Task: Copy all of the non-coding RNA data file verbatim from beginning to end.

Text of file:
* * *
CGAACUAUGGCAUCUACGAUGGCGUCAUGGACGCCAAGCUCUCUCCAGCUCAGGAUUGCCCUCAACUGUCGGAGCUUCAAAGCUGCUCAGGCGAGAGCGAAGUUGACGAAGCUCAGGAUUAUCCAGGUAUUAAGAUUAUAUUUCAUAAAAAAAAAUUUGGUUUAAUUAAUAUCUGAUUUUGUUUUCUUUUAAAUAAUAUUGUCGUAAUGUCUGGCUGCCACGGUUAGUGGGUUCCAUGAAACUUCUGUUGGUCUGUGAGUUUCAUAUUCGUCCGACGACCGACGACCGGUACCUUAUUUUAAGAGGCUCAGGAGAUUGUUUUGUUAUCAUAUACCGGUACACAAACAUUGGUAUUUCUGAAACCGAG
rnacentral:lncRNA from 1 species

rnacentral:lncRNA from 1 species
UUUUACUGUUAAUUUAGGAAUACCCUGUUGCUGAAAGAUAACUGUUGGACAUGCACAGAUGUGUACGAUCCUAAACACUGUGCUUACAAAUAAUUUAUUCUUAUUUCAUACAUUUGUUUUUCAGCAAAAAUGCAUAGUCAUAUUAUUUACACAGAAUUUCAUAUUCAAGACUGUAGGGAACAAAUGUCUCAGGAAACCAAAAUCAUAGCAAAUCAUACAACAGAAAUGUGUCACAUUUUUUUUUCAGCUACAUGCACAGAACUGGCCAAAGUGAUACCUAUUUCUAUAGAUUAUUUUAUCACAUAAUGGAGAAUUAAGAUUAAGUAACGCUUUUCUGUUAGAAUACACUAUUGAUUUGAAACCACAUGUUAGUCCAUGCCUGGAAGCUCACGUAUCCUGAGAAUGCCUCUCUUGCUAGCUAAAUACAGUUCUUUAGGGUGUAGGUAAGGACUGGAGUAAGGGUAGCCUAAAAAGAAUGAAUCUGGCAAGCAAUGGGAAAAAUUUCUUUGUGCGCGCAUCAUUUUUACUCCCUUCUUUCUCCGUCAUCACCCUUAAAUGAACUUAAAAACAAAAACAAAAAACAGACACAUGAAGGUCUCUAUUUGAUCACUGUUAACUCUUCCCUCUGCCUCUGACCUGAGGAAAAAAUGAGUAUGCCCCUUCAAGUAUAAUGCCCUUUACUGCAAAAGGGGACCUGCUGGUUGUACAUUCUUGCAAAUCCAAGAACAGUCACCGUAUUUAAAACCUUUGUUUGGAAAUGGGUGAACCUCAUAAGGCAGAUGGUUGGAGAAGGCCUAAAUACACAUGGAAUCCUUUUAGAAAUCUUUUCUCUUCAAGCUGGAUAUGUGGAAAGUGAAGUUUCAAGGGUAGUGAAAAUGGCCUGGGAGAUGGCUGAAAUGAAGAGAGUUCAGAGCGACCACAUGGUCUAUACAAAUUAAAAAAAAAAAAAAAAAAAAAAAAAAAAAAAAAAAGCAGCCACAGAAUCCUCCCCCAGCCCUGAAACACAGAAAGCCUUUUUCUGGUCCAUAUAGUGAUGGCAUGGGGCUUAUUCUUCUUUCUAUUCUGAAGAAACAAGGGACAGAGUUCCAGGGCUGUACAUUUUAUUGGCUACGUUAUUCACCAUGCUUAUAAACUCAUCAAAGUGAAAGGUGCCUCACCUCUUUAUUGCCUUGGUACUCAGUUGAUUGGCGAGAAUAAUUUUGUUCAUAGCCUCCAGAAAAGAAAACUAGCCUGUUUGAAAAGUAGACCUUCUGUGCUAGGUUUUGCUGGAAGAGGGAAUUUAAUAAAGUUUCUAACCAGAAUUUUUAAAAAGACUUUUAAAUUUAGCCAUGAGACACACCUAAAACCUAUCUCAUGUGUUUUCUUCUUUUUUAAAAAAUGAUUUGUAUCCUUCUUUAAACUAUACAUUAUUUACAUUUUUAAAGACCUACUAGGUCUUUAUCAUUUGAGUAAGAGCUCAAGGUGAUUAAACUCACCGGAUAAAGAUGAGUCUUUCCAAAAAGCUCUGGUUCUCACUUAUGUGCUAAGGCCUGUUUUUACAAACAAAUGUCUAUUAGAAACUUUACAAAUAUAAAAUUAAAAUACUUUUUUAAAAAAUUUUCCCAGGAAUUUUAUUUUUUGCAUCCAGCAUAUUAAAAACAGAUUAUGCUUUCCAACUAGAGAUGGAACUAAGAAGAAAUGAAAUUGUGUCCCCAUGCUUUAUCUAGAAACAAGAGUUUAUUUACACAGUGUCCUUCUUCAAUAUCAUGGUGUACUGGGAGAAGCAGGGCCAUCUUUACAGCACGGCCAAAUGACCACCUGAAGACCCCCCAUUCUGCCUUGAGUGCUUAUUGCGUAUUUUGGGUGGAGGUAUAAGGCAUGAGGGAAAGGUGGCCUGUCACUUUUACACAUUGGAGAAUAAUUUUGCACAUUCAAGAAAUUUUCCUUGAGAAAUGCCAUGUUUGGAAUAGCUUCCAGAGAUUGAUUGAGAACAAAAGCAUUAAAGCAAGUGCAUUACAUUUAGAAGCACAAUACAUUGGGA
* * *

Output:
CGAACUAUGGCAUCUACGAUGGCGUCAUGGACGCCAAGCUCUCUCCAGCUCAGGAUUGCCCUCAACUGUCGGAGCUUCAAAGCUGCUCAGGCGAGAGCGAAGUUGACGAAGCUCAGGAUUAUCCAGGUAUUAAGAUUAUAUUUCAUAAAAAAAAAUUUGGUUUAAUUAAUAUCUGAUUUUGUUUUCUUUUAAAUAAUAUUGUCGUAAUGUCUGGCUGCCACGGUUAGUGGGUUCCAUGAAACUUCUGUUGGUCUGUGAGUUUCAUAUUCGUCCGACGACCGACGACCGGUACCUUAUUUUAAGAGGCUCAGGAGAUUGUUUUGUUAUCAUAUACCGGUACACAAACAUUGGUAUUUCUGAAACCGAG
rnacentral:lncRNA from 1 species

rnacentral:lncRNA from 1 species
UUUUACUGUUAAUUUAGGAAUACCCUGUUGCUGAAAGAUAACUGUUGGACAUGCACAGAUGUGUACGAUCCUAAACACUGUGCUUACAAAUAAUUUAUUCUUAUUUCAUACAUUUGUUUUUCAGCAAAAAUGCAUAGUCAUAUUAUUUACACAGAAUUUCAUAUUCAAGACUGUAGGGAACAAAUGUCUCAGGAAACCAAAAUCAUAGCAAAUCAUACAACAGAAAUGUGUCACAUUUUUUUUUCAGCUACAUGCACAGAACUGGCCAAAGUGAUACCUAUUUCUAUAGAUUAUUUUAUCACAUAAUGGAGAAUUAAGAUUAAGUAACGCUUUUCUGUUAGAAUACACUAUUGAUUUGAAACCACAUGUUAGUCCAUGCCUGGAAGCUCACGUAUCCUGAGAAUGCCUCUCUUGCUAGCUAAAUACAGUUCUUUAGGGUGUAGGUAAGGACUGGAGUAAGGGUAGCCUAAAAAGAAUGAAUCUGGCAAGCAAUGGGAAAAAUUUCUUUGUGCGCGCAUCAUUUUUACUCCCUUCUUUCUCCGUCAUCACCCUUAAAUGAACUUAAAAACAAAAACAAAAAACAGACACAUGAAGGUCUCUAUUUGAUCACUGUUAACUCUUCCCUCUGCCUCUGACCUGAGGAAAAAAUGAGUAUGCCCCUUCAAGUAUAAUGCCCUUUACUGCAAAAGGGGACCUGCUGGUUGUACAUUCUUGCAAAUCCAAGAACAGUCACCGUAUUUAAAACCUUUGUUUGGAAAUGGGUGAACCUCAUAAGGCAGAUGGUUGGAGAAGGCCUAAAUACACAUGGAAUCCUUUUAGAAAUCUUUUCUCUUCAAGCUGGAUAUGUGGAAAGUGAAGUUUCAAGGGUAGUGAAAAUGGCCUGGGAGAUGGCUGAAAUGAAGAGAGUUCAGAGCGACCACAUGGUCUAUACAAAUUAAAAAAAAAAAAAAAAAAAAAAAAAAAAAAAAAAAGCAGCCACAGAAUCCUCCCCCAGCCCUGAAACACAGAAAGCCUUUUUCUGGUCCAUAUAGUGAUGGCAUGGGGCUUAUUCUUCUUUCUAUUCUGAAGAAACAAGGGACAGAGUUCCAGGGCUGUACAUUUUAUUGGCUACGUUAUUCACCAUGCUUAUAAACUCAUCAAAGUGAAAGGUGCCUCACCUCUUUAUUGCCUUGGUACUCAGUUGAUUGGCGAGAAUAAUUUUGUUCAUAGCCUCCAGAAAAGAAAACUAGCCUGUUUGAAAAGUAGACCUUCUGUGCUAGGUUUUGCUGGAAGAGGGAAUUUAAUAAAGUUUCUAACCAGAAUUUUUAAAAAGACUUUUAAAUUUAGCCAUGAGACACACCUAAAACCUAUCUCAUGUGUUUUCUUCUUUUUUAAAAAAUGAUUUGUAUCCUUCUUUAAACUAUACAUUAUUUACAUUUUUAAAGACCUACUAGGUCUUUAUCAUUUGAGUAAGAGCUCAAGGUGAUUAAACUCACCGGAUAAAGAUGAGUCUUUCCAAAAAGCUCUGGUUCUCACUUAUGUGCUAAGGCCUGUUUUUACAAACAAAUGUCUAUUAGAAACUUUACAAAUAUAAAAUUAAAAUACUUUUUUAAAAAAUUUUCCCAGGAAUUUUAUUUUUUGCAUCCAGCAUAUUAAAAACAGAUUAUGCUUUCCAACUAGAGAUGGAACUAAGAAGAAAUGAAAUUGUGUCCCCAUGCUUUAUCUAGAAACAAGAGUUUAUUUACACAGUGUCCUUCUUCAAUAUCAUGGUGUACUGGGAGAAGCAGGGCCAUCUUUACAGCACGGCCAAAUGACCACCUGAAGACCCCCCAUUCUGCCUUGAGUGCUUAUUGCGUAUUUUGGGUGGAGGUAUAAGGCAUGAGGGAAAGGUGGCCUGUCACUUUUACACAUUGGAGAAUAAUUUUGCACAUUCAAGAAAUUUUCCUUGAGAAAUGCCAUGUUUGGAAUAGCUUCCAGAGAUUGAUUGAGAACAAAAGCAUUAAAGCAAGUGCAUUACAUUUAGAAGCACAAUACAUUGGGA